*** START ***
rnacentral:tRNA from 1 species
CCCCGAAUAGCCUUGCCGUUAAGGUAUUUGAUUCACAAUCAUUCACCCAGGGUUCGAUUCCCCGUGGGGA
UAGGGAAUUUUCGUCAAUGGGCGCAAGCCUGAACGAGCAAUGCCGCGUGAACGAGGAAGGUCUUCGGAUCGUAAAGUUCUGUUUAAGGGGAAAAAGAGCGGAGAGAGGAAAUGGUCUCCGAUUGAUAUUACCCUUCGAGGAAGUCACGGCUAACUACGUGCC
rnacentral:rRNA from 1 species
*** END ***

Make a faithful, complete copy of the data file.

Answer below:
rnacentral:tRNA from 1 species
CCCCGAAUAGCCUUGCCGUUAAGGUAUUUGAUUCACAAUCAUUCACCCAGGGUUCGAUUCCCCGUGGGGA
UAGGGAAUUUUCGUCAAUGGGCGCAAGCCUGAACGAGCAAUGCCGCGUGAACGAGGAAGGUCUUCGGAUCGUAAAGUUCUGUUUAAGGGGAAAAAGAGCGGAGAGAGGAAAUGGUCUCCGAUUGAUAUUACCCUUCGAGGAAGUCACGGCUAACUACGUGCC
rnacentral:rRNA from 1 species